Asperger Syndrome is an Autism Spectrum Disorder (or Pervasive Developmental Disorder) characterized by significant difficulties in social interaction along with restricted and repetitive patterns of behaviors and interests. Those with Asperger Syndrome, or AS, may exhibit a lack of empathy for their peers, clumsiness, and atypical use of language, though none of these symptoms are required for a diagnosis.1
The pain of coming to terms with having Asperger's is still very real for me right now. There is a tremendous sense of grief. Grief for all that I suffered through to try to be "normal" and grief for how short of "normal" I always have been. There is also great relief to know that I am not crazy and that not everything can be traced back to an abusive past in the sense that some of what I experience is not choice/emotional but neurons/physical. The greatest challenge I face right now is trying to figure out which is which. This is not easy.
One of the most common side effects of a number of antidepressant medications is loss of sex drive. I could forgive our friends at fine companies such as Eli Lilly, Bristol Meyers Squibb, and Pfizer if dry mouth, irritability, disrupted sleep patterns, loss of appetite, sloth, and social phobia were the sole issues related to the medications I take on a daily basis. However, it is the sex thing I find most challenging.
Anhedonia is the technical term for the inability to experience joy. When people are in the depths of depression, nothing touches them, not the most intensely pleasurable activities, not the most familiar comforts. They are emotionally frozen. In this state, people either have to get professional help or simply wait for weeks or months until the depression lifts by itself; nothing is going to make them feel better.
Schizophrenia is a mental illness which affects one person in every hundred.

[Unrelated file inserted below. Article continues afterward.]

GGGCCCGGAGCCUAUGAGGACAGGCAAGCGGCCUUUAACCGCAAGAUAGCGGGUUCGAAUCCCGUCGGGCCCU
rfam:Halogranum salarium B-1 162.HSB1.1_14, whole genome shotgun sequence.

Depression is perhaps the most common of all mental health problems, currently felt to affect one in every four adults to some degree. Depression is a problem with mood/feeling in which the mood is described as sad, feeling down in the dumps, being blue, or feeling low. While the depressed mood is present, evidence is also present which reflects the neurochemical or "brain chemistry" aspects of depression with the depressed individual experiencing poor concentration/attention, loss of energy, accelerated thought/worry, sleep/appetite disturbance, and other physical manifestations. When this diagnosis is present, the individual will exhibit at least five of the following symptoms during the depressive periods:
Why does the Narcissist devalue his source of Secondary Narcissistic Supply?
Narcissists are forever in pursuit of narcissistic supply. They are not aware of past or future, are not constrained by any behavioural consistency, "rules" of conduct or moral considerations. Signal to a narcissist that you are a willing source - and he is bound to extract his supply from you. This is a reflex. He would have reacted absolutely the same to any other source. If what is needed to obtain supply from you is intimations of intimacy - he will employ them liberally.
Some sources of supply are ideal (from the Narcissist's point of view). The ideal source of supply is sufficiently intelligent, sufficiently gullible, submissive, reasonably (but not overly) inferior to the narcissist, in possession of a good memory (with which to regulate the flow of narcissistic supply), is available but not imposing, not explicitly or overtly manipulative, interchangeable (not indispensable), not demanding (a fatalist to a degree), attractive (if the narcissist is somatic). In short: a Galathea-Pygmallion type.
But then, often suddenly and inexplicably, it is all over. The Narcissist is cold, uninterested and remote.
ONE of the reasons is, as Groucho Marx put it, that the narcissist wouldn't like to belong to a club which will accept him as a member. The Narcissist devalues his sources of supply for the very qualities that made them such sources in the first place: their gullibility, their submissiveness, their (intellectual or physical) inferiority.
But there are many other reasons. For instance, the narcissist resents his dependence and by devaluing the object of dependence (his spouse, his employer, his colleague, his friend) he gets rid of the dissonance.
Yet another issue:
The narcissist perceives intimacy and sex as a threat to his uniqueness. EVERYONE needs sex and intimacy - it is the great equalizer. The narcissist resents this equality. He rebels.
Sex and intimacy are usually also connected to past unresolved conflicts with important primary objects (parents or caregivers). They invoke these conflicts, encourage transference and provoke the onset of an approach-avoidance cycle.
Additionally, narcissists get tired of their sources. There is no mathematical formula, which governs this. It depends on numerous variables. Usually, the relationship lasts until the narcissist "gets used" to the source and its stimulating effects wear off OR until a better source of supply becomes available.
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